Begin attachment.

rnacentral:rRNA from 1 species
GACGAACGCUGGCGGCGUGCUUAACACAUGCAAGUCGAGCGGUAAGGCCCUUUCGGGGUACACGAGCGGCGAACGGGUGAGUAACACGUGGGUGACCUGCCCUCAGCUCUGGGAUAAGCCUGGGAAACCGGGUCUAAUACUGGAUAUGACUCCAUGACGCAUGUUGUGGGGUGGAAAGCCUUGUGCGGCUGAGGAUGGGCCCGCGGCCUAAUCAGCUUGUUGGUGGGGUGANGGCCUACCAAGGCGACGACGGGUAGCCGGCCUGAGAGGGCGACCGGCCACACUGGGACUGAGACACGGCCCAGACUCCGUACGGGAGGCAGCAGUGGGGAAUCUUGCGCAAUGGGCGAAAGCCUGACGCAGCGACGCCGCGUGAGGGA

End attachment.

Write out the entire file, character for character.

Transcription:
rnacentral:rRNA from 1 species
GACGAACGCUGGCGGCGUGCUUAACACAUGCAAGUCGAGCGGUAAGGCCCUUUCGGGGUACACGAGCGGCGAACGGGUGAGUAACACGUGGGUGACCUGCCCUCAGCUCUGGGAUAAGCCUGGGAAACCGGGUCUAAUACUGGAUAUGACUCCAUGACGCAUGUUGUGGGGUGGAAAGCCUUGUGCGGCUGAGGAUGGGCCCGCGGCCUAAUCAGCUUGUUGGUGGGGUGANGGCCUACCAAGGCGACGACGGGUAGCCGGCCUGAGAGGGCGACCGGCCACACUGGGACUGAGACACGGCCCAGACUCCGUACGGGAGGCAGCAGUGGGGAAUCUUGCGCAAUGGGCGAAAGCCUGACGCAGCGACGCCGCGUGAGGGA